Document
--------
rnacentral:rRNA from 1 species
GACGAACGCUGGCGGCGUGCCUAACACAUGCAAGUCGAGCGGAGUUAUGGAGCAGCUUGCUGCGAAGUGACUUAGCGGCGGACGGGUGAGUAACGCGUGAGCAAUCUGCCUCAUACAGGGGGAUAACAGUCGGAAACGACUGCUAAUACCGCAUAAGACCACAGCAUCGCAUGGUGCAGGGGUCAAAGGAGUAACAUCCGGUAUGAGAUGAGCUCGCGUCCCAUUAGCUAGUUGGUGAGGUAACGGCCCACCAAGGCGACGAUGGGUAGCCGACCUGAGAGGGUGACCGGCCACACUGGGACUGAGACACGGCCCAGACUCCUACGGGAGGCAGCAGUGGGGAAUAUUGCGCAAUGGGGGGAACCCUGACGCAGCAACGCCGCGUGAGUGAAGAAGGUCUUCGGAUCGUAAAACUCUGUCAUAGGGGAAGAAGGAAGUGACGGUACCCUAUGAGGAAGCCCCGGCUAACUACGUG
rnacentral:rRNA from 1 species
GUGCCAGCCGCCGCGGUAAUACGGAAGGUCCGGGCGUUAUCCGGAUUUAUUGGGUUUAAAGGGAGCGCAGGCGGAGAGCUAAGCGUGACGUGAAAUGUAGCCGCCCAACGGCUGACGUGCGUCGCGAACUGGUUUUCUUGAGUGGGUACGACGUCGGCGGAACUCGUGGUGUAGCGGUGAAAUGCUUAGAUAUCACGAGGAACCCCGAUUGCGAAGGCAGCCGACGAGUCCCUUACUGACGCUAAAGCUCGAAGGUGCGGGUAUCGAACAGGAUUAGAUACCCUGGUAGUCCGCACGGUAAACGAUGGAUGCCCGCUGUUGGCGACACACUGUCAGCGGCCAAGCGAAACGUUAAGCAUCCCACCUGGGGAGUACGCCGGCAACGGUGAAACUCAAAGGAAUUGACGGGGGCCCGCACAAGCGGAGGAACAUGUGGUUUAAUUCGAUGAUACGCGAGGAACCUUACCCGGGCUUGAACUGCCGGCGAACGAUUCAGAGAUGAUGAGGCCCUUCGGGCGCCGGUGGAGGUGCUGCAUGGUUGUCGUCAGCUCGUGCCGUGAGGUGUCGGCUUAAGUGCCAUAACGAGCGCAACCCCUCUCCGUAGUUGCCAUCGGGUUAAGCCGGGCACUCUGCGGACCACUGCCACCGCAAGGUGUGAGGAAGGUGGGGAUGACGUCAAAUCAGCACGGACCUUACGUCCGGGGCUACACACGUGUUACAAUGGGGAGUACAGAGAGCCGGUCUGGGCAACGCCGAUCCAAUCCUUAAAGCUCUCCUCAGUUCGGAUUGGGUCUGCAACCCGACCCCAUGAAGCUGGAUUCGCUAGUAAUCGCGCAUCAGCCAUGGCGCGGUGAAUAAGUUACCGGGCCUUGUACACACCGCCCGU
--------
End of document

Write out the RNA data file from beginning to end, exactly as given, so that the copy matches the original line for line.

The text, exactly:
rnacentral:rRNA from 1 species
GACGAACGCUGGCGGCGUGCCUAACACAUGCAAGUCGAGCGGAGUUAUGGAGCAGCUUGCUGCGAAGUGACUUAGCGGCGGACGGGUGAGUAACGCGUGAGCAAUCUGCCUCAUACAGGGGGAUAACAGUCGGAAACGACUGCUAAUACCGCAUAAGACCACAGCAUCGCAUGGUGCAGGGGUCAAAGGAGUAACAUCCGGUAUGAGAUGAGCUCGCGUCCCAUUAGCUAGUUGGUGAGGUAACGGCCCACCAAGGCGACGAUGGGUAGCCGACCUGAGAGGGUGACCGGCCACACUGGGACUGAGACACGGCCCAGACUCCUACGGGAGGCAGCAGUGGGGAAUAUUGCGCAAUGGGGGGAACCCUGACGCAGCAACGCCGCGUGAGUGAAGAAGGUCUUCGGAUCGUAAAACUCUGUCAUAGGGGAAGAAGGAAGUGACGGUACCCUAUGAGGAAGCCCCGGCUAACUACGUG
rnacentral:rRNA from 1 species
GUGCCAGCCGCCGCGGUAAUACGGAAGGUCCGGGCGUUAUCCGGAUUUAUUGGGUUUAAAGGGAGCGCAGGCGGAGAGCUAAGCGUGACGUGAAAUGUAGCCGCCCAACGGCUGACGUGCGUCGCGAACUGGUUUUCUUGAGUGGGUACGACGUCGGCGGAACUCGUGGUGUAGCGGUGAAAUGCUUAGAUAUCACGAGGAACCCCGAUUGCGAAGGCAGCCGACGAGUCCCUUACUGACGCUAAAGCUCGAAGGUGCGGGUAUCGAACAGGAUUAGAUACCCUGGUAGUCCGCACGGUAAACGAUGGAUGCCCGCUGUUGGCGACACACUGUCAGCGGCCAAGCGAAACGUUAAGCAUCCCACCUGGGGAGUACGCCGGCAACGGUGAAACUCAAAGGAAUUGACGGGGGCCCGCACAAGCGGAGGAACAUGUGGUUUAAUUCGAUGAUACGCGAGGAACCUUACCCGGGCUUGAACUGCCGGCGAACGAUUCAGAGAUGAUGAGGCCCUUCGGGCGCCGGUGGAGGUGCUGCAUGGUUGUCGUCAGCUCGUGCCGUGAGGUGUCGGCUUAAGUGCCAUAACGAGCGCAACCCCUCUCCGUAGUUGCCAUCGGGUUAAGCCGGGCACUCUGCGGACCACUGCCACCGCAAGGUGUGAGGAAGGUGGGGAUGACGUCAAAUCAGCACGGACCUUACGUCCGGGGCUACACACGUGUUACAAUGGGGAGUACAGAGAGCCGGUCUGGGCAACGCCGAUCCAAUCCUUAAAGCUCUCCUCAGUUCGGAUUGGGUCUGCAACCCGACCCCAUGAAGCUGGAUUCGCUAGUAAUCGCGCAUCAGCCAUGGCGCGGUGAAUAAGUUACCGGGCCUUGUACACACCGCCCGU